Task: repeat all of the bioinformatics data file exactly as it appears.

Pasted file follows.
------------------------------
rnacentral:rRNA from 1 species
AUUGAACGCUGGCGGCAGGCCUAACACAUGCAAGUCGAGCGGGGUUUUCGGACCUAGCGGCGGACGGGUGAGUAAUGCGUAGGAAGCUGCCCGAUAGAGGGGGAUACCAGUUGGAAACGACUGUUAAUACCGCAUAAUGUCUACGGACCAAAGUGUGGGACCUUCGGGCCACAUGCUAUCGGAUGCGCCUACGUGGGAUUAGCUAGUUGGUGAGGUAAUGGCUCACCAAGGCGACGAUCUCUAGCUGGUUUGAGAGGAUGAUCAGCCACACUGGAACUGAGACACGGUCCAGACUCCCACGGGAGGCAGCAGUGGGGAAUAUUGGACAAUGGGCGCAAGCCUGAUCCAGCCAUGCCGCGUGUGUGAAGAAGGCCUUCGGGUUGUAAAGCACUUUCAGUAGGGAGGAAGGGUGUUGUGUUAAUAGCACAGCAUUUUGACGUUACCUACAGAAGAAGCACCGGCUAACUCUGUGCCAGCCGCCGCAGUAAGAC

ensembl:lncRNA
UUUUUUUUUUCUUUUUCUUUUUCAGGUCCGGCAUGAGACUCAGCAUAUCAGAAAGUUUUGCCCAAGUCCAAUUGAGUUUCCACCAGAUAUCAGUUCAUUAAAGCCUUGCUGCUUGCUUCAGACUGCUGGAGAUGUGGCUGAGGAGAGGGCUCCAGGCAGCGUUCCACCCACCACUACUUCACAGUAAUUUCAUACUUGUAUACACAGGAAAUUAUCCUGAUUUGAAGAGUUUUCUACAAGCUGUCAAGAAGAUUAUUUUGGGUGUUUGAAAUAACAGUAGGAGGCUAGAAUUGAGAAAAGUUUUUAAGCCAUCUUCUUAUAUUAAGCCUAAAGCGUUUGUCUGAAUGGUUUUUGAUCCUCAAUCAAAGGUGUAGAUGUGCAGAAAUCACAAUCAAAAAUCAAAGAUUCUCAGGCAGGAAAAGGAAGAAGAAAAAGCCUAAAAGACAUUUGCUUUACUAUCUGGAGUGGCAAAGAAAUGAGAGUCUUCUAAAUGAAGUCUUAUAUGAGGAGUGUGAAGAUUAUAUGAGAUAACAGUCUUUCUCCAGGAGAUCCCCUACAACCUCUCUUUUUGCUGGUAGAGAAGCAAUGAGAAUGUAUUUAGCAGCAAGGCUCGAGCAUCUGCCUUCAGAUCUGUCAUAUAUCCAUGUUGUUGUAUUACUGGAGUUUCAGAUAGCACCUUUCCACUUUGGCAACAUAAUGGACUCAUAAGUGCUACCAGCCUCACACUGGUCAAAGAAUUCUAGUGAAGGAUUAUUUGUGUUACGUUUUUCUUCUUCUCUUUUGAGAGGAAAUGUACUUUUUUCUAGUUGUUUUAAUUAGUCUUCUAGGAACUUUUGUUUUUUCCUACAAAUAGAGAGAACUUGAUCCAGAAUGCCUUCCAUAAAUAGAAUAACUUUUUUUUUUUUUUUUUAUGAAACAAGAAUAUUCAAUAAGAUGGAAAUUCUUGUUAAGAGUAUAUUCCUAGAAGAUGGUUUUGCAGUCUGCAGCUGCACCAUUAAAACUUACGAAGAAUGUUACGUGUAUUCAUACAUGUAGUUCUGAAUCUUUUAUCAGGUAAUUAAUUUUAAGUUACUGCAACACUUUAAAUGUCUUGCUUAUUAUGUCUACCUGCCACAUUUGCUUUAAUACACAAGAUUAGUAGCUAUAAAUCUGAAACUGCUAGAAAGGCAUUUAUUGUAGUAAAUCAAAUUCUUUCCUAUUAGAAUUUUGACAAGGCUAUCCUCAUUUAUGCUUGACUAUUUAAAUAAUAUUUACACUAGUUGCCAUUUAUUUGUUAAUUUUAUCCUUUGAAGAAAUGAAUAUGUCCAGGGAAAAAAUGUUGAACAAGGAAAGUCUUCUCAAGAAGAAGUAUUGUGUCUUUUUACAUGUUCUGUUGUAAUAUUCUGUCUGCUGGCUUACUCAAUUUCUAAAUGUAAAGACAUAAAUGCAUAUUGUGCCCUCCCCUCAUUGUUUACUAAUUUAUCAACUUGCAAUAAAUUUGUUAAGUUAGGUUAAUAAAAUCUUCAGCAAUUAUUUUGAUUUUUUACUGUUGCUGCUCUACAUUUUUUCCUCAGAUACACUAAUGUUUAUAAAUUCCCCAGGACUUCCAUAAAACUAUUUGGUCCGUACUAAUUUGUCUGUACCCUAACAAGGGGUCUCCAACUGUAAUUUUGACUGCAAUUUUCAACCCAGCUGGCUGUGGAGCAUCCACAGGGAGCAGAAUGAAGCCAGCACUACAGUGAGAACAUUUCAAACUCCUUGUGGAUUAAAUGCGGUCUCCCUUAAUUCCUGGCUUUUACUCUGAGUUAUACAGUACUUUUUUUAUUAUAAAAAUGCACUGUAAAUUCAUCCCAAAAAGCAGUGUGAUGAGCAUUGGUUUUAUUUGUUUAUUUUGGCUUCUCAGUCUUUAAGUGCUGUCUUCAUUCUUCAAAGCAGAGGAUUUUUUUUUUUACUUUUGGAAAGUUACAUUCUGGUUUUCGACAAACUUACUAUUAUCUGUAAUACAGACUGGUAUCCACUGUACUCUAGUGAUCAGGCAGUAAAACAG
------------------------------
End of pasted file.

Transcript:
rnacentral:rRNA from 1 species
AUUGAACGCUGGCGGCAGGCCUAACACAUGCAAGUCGAGCGGGGUUUUCGGACCUAGCGGCGGACGGGUGAGUAAUGCGUAGGAAGCUGCCCGAUAGAGGGGGAUACCAGUUGGAAACGACUGUUAAUACCGCAUAAUGUCUACGGACCAAAGUGUGGGACCUUCGGGCCACAUGCUAUCGGAUGCGCCUACGUGGGAUUAGCUAGUUGGUGAGGUAAUGGCUCACCAAGGCGACGAUCUCUAGCUGGUUUGAGAGGAUGAUCAGCCACACUGGAACUGAGACACGGUCCAGACUCCCACGGGAGGCAGCAGUGGGGAAUAUUGGACAAUGGGCGCAAGCCUGAUCCAGCCAUGCCGCGUGUGUGAAGAAGGCCUUCGGGUUGUAAAGCACUUUCAGUAGGGAGGAAGGGUGUUGUGUUAAUAGCACAGCAUUUUGACGUUACCUACAGAAGAAGCACCGGCUAACUCUGUGCCAGCCGCCGCAGUAAGAC

ensembl:lncRNA
UUUUUUUUUUCUUUUUCUUUUUCAGGUCCGGCAUGAGACUCAGCAUAUCAGAAAGUUUUGCCCAAGUCCAAUUGAGUUUCCACCAGAUAUCAGUUCAUUAAAGCCUUGCUGCUUGCUUCAGACUGCUGGAGAUGUGGCUGAGGAGAGGGCUCCAGGCAGCGUUCCACCCACCACUACUUCACAGUAAUUUCAUACUUGUAUACACAGGAAAUUAUCCUGAUUUGAAGAGUUUUCUACAAGCUGUCAAGAAGAUUAUUUUGGGUGUUUGAAAUAACAGUAGGAGGCUAGAAUUGAGAAAAGUUUUUAAGCCAUCUUCUUAUAUUAAGCCUAAAGCGUUUGUCUGAAUGGUUUUUGAUCCUCAAUCAAAGGUGUAGAUGUGCAGAAAUCACAAUCAAAAAUCAAAGAUUCUCAGGCAGGAAAAGGAAGAAGAAAAAGCCUAAAAGACAUUUGCUUUACUAUCUGGAGUGGCAAAGAAAUGAGAGUCUUCUAAAUGAAGUCUUAUAUGAGGAGUGUGAAGAUUAUAUGAGAUAACAGUCUUUCUCCAGGAGAUCCCCUACAACCUCUCUUUUUGCUGGUAGAGAAGCAAUGAGAAUGUAUUUAGCAGCAAGGCUCGAGCAUCUGCCUUCAGAUCUGUCAUAUAUCCAUGUUGUUGUAUUACUGGAGUUUCAGAUAGCACCUUUCCACUUUGGCAACAUAAUGGACUCAUAAGUGCUACCAGCCUCACACUGGUCAAAGAAUUCUAGUGAAGGAUUAUUUGUGUUACGUUUUUCUUCUUCUCUUUUGAGAGGAAAUGUACUUUUUUCUAGUUGUUUUAAUUAGUCUUCUAGGAACUUUUGUUUUUUCCUACAAAUAGAGAGAACUUGAUCCAGAAUGCCUUCCAUAAAUAGAAUAACUUUUUUUUUUUUUUUUUAUGAAACAAGAAUAUUCAAUAAGAUGGAAAUUCUUGUUAAGAGUAUAUUCCUAGAAGAUGGUUUUGCAGUCUGCAGCUGCACCAUUAAAACUUACGAAGAAUGUUACGUGUAUUCAUACAUGUAGUUCUGAAUCUUUUAUCAGGUAAUUAAUUUUAAGUUACUGCAACACUUUAAAUGUCUUGCUUAUUAUGUCUACCUGCCACAUUUGCUUUAAUACACAAGAUUAGUAGCUAUAAAUCUGAAACUGCUAGAAAGGCAUUUAUUGUAGUAAAUCAAAUUCUUUCCUAUUAGAAUUUUGACAAGGCUAUCCUCAUUUAUGCUUGACUAUUUAAAUAAUAUUUACACUAGUUGCCAUUUAUUUGUUAAUUUUAUCCUUUGAAGAAAUGAAUAUGUCCAGGGAAAAAAUGUUGAACAAGGAAAGUCUUCUCAAGAAGAAGUAUUGUGUCUUUUUACAUGUUCUGUUGUAAUAUUCUGUCUGCUGGCUUACUCAAUUUCUAAAUGUAAAGACAUAAAUGCAUAUUGUGCCCUCCCCUCAUUGUUUACUAAUUUAUCAACUUGCAAUAAAUUUGUUAAGUUAGGUUAAUAAAAUCUUCAGCAAUUAUUUUGAUUUUUUACUGUUGCUGCUCUACAUUUUUUCCUCAGAUACACUAAUGUUUAUAAAUUCCCCAGGACUUCCAUAAAACUAUUUGGUCCGUACUAAUUUGUCUGUACCCUAACAAGGGGUCUCCAACUGUAAUUUUGACUGCAAUUUUCAACCCAGCUGGCUGUGGAGCAUCCACAGGGAGCAGAAUGAAGCCAGCACUACAGUGAGAACAUUUCAAACUCCUUGUGGAUUAAAUGCGGUCUCCCUUAAUUCCUGGCUUUUACUCUGAGUUAUACAGUACUUUUUUUAUUAUAAAAAUGCACUGUAAAUUCAUCCCAAAAAGCAGUGUGAUGAGCAUUGGUUUUAUUUGUUUAUUUUGGCUUCUCAGUCUUUAAGUGCUGUCUUCAUUCUUCAAAGCAGAGGAUUUUUUUUUUUACUUUUGGAAAGUUACAUUCUGGUUUUCGACAAACUUACUAUUAUCUGUAAUACAGACUGGUAUCCACUGUACUCUAGUGAUCAGGCAGUAAAACAG